You’re acknowledging the charred ruins of what you thought could last forever, and you’re hunting the tiny, glowing embers that will carry you into the next phase of your existence.

That’s brutally painful, because for every glowing ember, you’ll find something you didn’t think you could handle losing. (In non-metaphorical terms: you can spend seven years building a business one way, only to step away and stand still as you let the whole thing crumple. You built a whole skyscraper from your heart, and what remains is so small it clanks around in a carry-on-sized suitcase.)

The suitcase will serve you. It’s best to travel lightly.

When you’ve got your pieces…

Focus on the next step.

Just the one. You’ll want to make a 23-pronged plan and scale your ambitions or nudges of intuition with graphs and charts and scales and…no. Don’t.

The one step in front of you is generally quite simple.

You’ll take more breaks.
You’ll ask for the sale more often.
You’ll cut back on the products you offer.
You’ll introduce a new service.
You’ll enroll in a class.

Naturally, though, you’ll scale up and make ‘cutting back on products’ equal creating three new products to celebrate the products that are going away, then add a giveaway and a sale and a hashtag and a social media plan and…it gets complicated.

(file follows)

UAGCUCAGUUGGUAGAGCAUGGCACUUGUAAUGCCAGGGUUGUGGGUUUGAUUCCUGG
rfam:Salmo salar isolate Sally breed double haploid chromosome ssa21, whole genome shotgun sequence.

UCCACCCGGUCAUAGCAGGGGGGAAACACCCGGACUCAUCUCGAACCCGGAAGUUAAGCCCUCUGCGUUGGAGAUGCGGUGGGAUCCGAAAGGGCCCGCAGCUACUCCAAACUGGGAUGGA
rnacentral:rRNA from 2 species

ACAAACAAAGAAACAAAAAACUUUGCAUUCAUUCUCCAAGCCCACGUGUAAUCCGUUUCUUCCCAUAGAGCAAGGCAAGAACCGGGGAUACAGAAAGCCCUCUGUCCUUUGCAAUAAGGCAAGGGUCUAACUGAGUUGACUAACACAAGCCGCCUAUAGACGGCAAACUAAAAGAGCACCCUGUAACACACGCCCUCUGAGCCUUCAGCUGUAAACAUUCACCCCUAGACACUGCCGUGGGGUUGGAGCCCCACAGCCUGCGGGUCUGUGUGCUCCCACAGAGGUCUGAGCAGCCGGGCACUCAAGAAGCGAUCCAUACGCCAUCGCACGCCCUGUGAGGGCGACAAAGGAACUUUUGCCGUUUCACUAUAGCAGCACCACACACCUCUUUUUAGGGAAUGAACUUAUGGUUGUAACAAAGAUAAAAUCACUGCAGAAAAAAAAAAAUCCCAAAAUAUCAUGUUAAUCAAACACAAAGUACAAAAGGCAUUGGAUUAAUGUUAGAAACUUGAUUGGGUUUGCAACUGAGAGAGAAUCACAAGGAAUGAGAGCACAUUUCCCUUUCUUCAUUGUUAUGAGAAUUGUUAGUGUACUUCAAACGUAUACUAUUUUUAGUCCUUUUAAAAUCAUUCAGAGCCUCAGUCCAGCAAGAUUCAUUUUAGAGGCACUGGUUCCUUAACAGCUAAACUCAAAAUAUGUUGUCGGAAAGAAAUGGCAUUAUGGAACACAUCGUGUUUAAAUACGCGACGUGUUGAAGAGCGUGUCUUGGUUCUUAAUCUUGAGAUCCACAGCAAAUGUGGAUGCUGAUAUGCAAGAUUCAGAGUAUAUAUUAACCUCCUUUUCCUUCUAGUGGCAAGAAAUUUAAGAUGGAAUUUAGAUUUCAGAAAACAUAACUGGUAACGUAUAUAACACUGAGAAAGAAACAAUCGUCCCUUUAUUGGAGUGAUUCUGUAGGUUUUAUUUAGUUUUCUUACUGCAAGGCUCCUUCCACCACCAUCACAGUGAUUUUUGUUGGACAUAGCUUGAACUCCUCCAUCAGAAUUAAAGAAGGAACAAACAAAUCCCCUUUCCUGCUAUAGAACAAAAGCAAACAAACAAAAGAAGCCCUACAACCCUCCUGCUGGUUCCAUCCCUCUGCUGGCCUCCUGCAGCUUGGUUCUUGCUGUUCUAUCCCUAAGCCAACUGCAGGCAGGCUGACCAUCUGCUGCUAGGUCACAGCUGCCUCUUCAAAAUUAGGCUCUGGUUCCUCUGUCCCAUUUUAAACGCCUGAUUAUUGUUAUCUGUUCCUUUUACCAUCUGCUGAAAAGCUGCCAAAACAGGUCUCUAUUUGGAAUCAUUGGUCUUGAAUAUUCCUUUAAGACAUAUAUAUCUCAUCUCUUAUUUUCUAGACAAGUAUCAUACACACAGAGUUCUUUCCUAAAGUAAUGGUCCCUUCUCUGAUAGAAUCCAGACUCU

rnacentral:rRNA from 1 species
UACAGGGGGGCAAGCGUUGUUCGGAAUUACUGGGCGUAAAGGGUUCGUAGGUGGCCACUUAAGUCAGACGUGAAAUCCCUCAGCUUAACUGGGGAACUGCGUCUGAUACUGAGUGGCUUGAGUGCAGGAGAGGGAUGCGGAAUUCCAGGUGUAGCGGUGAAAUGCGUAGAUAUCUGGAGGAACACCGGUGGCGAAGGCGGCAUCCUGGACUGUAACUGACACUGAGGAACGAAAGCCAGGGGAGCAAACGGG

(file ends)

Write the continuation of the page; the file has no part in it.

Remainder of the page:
Try to resist the complicating and the scaling, focusing on the one simple thing you’re meant to do next. People will step in with all sorts of (ever more complicated) advice, but it’s your job to stick to the one thing.

Finally, and most importantly: be kind to yourself.

You know how we all teach what we need to learn? Yah, this is when I write directly to myself (but you can watch!). Patience is not only a virtue, but a necessity, as you choose kindness over and over again.

When you flog yourself for not seeing what is now so obvious.
When you shake your head at all the signs that mean you should have done this long ago.
When you consider firebombing your old self because (s)he is so, so stupid.
When you’re crying for the fifth time in three hours about what appears to be nothing,
or hiding from the world unshowered for the second day (read: week) in a row,
or scrolling through screens instead of doing anything that truly feeds you,
or berating yourself for all the ways you just. Aren’t. Enough.

Choose kindness.

Let your shoulders stop eating your ears and breathe into your heart and practice the difficult art of forgiving yourself. (I know, right? I scoffed when a friend told me, too.) Forgiving yourself is one of the most powerful arts you can practice in everyday life, and it means you’ll survive this latest change with something like grace and aplomb.

Seasons end, and what you thought was a sure thing turns out to be…not the surest thing anymore, and this is part of being human. You grow, you change, you shift, and you respond accordingly.

May you be brave enough to make the changes as they come, and may you know the relief and joy on the other side of watching your own work fall to the ground.

Hugs,
K

P.S.  I totally read this to you in the latest episode of That’s What She Said.